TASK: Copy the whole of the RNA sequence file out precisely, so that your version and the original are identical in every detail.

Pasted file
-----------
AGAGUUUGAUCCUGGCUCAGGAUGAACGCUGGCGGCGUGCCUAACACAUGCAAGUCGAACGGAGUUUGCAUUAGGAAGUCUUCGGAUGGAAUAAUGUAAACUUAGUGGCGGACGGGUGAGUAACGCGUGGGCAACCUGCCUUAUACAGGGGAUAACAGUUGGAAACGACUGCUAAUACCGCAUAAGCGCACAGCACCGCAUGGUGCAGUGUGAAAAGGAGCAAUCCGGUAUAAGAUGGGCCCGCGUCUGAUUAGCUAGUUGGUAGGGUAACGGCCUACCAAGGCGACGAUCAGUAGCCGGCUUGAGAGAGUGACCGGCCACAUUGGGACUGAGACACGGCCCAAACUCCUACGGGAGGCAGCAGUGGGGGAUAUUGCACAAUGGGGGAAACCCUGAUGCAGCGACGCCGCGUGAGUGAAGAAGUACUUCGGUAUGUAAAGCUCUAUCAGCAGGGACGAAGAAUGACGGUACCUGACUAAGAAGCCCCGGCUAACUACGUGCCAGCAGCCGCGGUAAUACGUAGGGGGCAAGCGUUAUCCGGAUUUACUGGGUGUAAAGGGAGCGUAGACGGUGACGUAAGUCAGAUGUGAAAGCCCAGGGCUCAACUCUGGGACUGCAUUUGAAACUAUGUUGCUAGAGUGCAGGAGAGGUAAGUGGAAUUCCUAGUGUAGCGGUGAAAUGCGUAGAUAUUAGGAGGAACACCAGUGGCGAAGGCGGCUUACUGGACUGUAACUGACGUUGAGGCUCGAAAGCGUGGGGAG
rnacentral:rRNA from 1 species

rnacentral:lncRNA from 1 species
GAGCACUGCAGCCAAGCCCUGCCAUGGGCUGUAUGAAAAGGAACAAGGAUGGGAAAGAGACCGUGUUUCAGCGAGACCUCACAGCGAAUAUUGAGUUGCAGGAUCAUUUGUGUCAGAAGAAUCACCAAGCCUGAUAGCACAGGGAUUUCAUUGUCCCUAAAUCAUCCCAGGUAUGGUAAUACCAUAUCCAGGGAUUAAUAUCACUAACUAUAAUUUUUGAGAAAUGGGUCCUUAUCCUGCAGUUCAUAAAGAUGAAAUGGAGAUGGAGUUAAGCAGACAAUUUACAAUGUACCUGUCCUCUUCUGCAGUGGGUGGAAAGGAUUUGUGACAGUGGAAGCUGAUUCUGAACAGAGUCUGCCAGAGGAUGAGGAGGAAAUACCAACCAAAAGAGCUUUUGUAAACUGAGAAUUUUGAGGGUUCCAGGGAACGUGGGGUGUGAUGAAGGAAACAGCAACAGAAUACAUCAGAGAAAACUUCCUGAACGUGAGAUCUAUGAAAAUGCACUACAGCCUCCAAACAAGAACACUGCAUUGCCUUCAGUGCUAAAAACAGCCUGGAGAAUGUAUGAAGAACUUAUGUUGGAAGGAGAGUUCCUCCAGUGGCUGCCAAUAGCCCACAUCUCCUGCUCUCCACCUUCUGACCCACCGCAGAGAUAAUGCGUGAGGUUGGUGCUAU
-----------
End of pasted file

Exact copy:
AGAGUUUGAUCCUGGCUCAGGAUGAACGCUGGCGGCGUGCCUAACACAUGCAAGUCGAACGGAGUUUGCAUUAGGAAGUCUUCGGAUGGAAUAAUGUAAACUUAGUGGCGGACGGGUGAGUAACGCGUGGGCAACCUGCCUUAUACAGGGGAUAACAGUUGGAAACGACUGCUAAUACCGCAUAAGCGCACAGCACCGCAUGGUGCAGUGUGAAAAGGAGCAAUCCGGUAUAAGAUGGGCCCGCGUCUGAUUAGCUAGUUGGUAGGGUAACGGCCUACCAAGGCGACGAUCAGUAGCCGGCUUGAGAGAGUGACCGGCCACAUUGGGACUGAGACACGGCCCAAACUCCUACGGGAGGCAGCAGUGGGGGAUAUUGCACAAUGGGGGAAACCCUGAUGCAGCGACGCCGCGUGAGUGAAGAAGUACUUCGGUAUGUAAAGCUCUAUCAGCAGGGACGAAGAAUGACGGUACCUGACUAAGAAGCCCCGGCUAACUACGUGCCAGCAGCCGCGGUAAUACGUAGGGGGCAAGCGUUAUCCGGAUUUACUGGGUGUAAAGGGAGCGUAGACGGUGACGUAAGUCAGAUGUGAAAGCCCAGGGCUCAACUCUGGGACUGCAUUUGAAACUAUGUUGCUAGAGUGCAGGAGAGGUAAGUGGAAUUCCUAGUGUAGCGGUGAAAUGCGUAGAUAUUAGGAGGAACACCAGUGGCGAAGGCGGCUUACUGGACUGUAACUGACGUUGAGGCUCGAAAGCGUGGGGAG
rnacentral:rRNA from 1 species

rnacentral:lncRNA from 1 species
GAGCACUGCAGCCAAGCCCUGCCAUGGGCUGUAUGAAAAGGAACAAGGAUGGGAAAGAGACCGUGUUUCAGCGAGACCUCACAGCGAAUAUUGAGUUGCAGGAUCAUUUGUGUCAGAAGAAUCACCAAGCCUGAUAGCACAGGGAUUUCAUUGUCCCUAAAUCAUCCCAGGUAUGGUAAUACCAUAUCCAGGGAUUAAUAUCACUAACUAUAAUUUUUGAGAAAUGGGUCCUUAUCCUGCAGUUCAUAAAGAUGAAAUGGAGAUGGAGUUAAGCAGACAAUUUACAAUGUACCUGUCCUCUUCUGCAGUGGGUGGAAAGGAUUUGUGACAGUGGAAGCUGAUUCUGAACAGAGUCUGCCAGAGGAUGAGGAGGAAAUACCAACCAAAAGAGCUUUUGUAAACUGAGAAUUUUGAGGGUUCCAGGGAACGUGGGGUGUGAUGAAGGAAACAGCAACAGAAUACAUCAGAGAAAACUUCCUGAACGUGAGAUCUAUGAAAAUGCACUACAGCCUCCAAACAAGAACACUGCAUUGCCUUCAGUGCUAAAAACAGCCUGGAGAAUGUAUGAAGAACUUAUGUUGGAAGGAGAGUUCCUCCAGUGGCUGCCAAUAGCCCACAUCUCCUGCUCUCCACCUUCUGACCCACCGCAGAGAUAAUGCGUGAGGUUGGUGCUAU